- WSL / Mike Chlala
- WSL / Mike Chlala

One of Oahu's most iconic competitive venues, Sunset Beach, delivered breezy, challenging conditions throughout the day with consistent four- to six- foot wave faces and strong yet favorable easterly tradewinds. In the end, it was Kauai's Gabriela Bryan and Japan's Roi Kanazawa who earned big wins in two completely different fashions.

Gabriela Bryan at the Women's Sunset Pro Junior Back-to-back event champion Gabriela Bryan pushed the pace all day. - WSL / Mike Chlala

Women's event champion Bryan successfully defended her title, quickly establishing herself as the in-form surfer of the competition and posting the highest scores on the women's side of the draw. Displaying the confidence and talent that launched the 16-year-old to finish atop both the Hawaii/ Tahiti Nui Women's Tours - Junior and QS - in 2018, Bryan easily won all of the three heats she surfed today, including the most important thirty-minute Final.

"I'm super stoked to win back to back, it was definitely one of my goals this year, and I'm really happy to start the year off with another win for my first contest," Bryan said following her victory. "I was getting pretty good scores all day, so I was just going to try and do the same thing as before, wait for the good waves and just surf the best that I could."

Pantin Classic Junior Pro by Gadis The young Kauai competitor all smiles as she retains her reign over the region. - WSL / Guillaume Arrieta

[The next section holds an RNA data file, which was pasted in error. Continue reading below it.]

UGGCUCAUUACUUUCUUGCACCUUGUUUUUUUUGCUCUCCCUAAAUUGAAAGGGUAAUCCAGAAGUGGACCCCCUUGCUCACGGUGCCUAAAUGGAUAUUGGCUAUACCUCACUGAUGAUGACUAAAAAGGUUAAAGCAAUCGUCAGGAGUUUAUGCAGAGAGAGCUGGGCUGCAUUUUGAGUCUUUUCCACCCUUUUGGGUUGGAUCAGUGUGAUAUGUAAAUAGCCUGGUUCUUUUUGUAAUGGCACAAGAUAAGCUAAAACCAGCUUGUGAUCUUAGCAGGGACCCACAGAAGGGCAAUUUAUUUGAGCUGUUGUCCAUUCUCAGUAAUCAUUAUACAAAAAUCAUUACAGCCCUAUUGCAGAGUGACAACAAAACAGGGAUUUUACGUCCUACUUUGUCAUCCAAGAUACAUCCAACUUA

"It always feels great to win, it's the best feeling just to win here at Sunset again," Bryan continued. "It's such a tricky wave and it's one of the best places to win honestly. Just the feeling is what keeps me motivated."

Kanazawa's Last-Second Stealer

Roi Kanazawa (JPN) winning the Sunset Pro Junior Final. Roi Kanazawa about to stick the landing on his way to a maiden Hawaii event victory. - WSL / Mike Chlala

It was a much more dramatic finish to the Sunset Pro Men's Pro Junior. Needing a 6.10 to take the lead with under a minute left in the Final, Kanazawa hit a series of committed, on-rail turns to earn a nail-biting 6.73 on his very last wave. It was enough to steal the win from Crosby Colapinto, who had led for the majority of the thirty-minute heat and who had already comboed 14-year-old Levi Young (HAW) and 16-year-old Eli Hanneman, third- and fourth-place finishers, respectively.

With defending champion Finn McGill no longer age-eligible to compete at the Junior level, the Men's Sunset Pro Junior was destined for a new champion this year. The win was Kanazawa's first in Hawaii, and second Pro Junior win after a 2018 victory at the Minami Boso Junior Pro in Chiba, Japan.

"I'm so happy," Kanazawa said after his victory. "I've been here for about a month and have been surfing Sunset every day, but I was so nervous in the final."

Kanazawa successfully controlled his nerves throughout the competition, having put the men's field on notice with an 8.83 in the Quarterfinals that would prove to be the event's highest score. With poise and confidence beyond his years, Kanazawa consistently attacked the challenging, oft-shifting Sunset Beach lineup, and dropped perhaps the maneuver of the day with a huge lip-smack-to-free-fall 7.73 in the final.

The shifty, open-ocean playing field of Sunset Beach - the only Oahu venue where caddies are permitted in the lineup - pushed athletes to stay active in chasing down waves and making the most of available scoring opportunities.

"I want to travel and definitely want to come back to Hawaii [later this year]," Kanazawa added. "I'd like to thank my family and friends here, and my sponsors for the support."

New Zealand's Newest Threat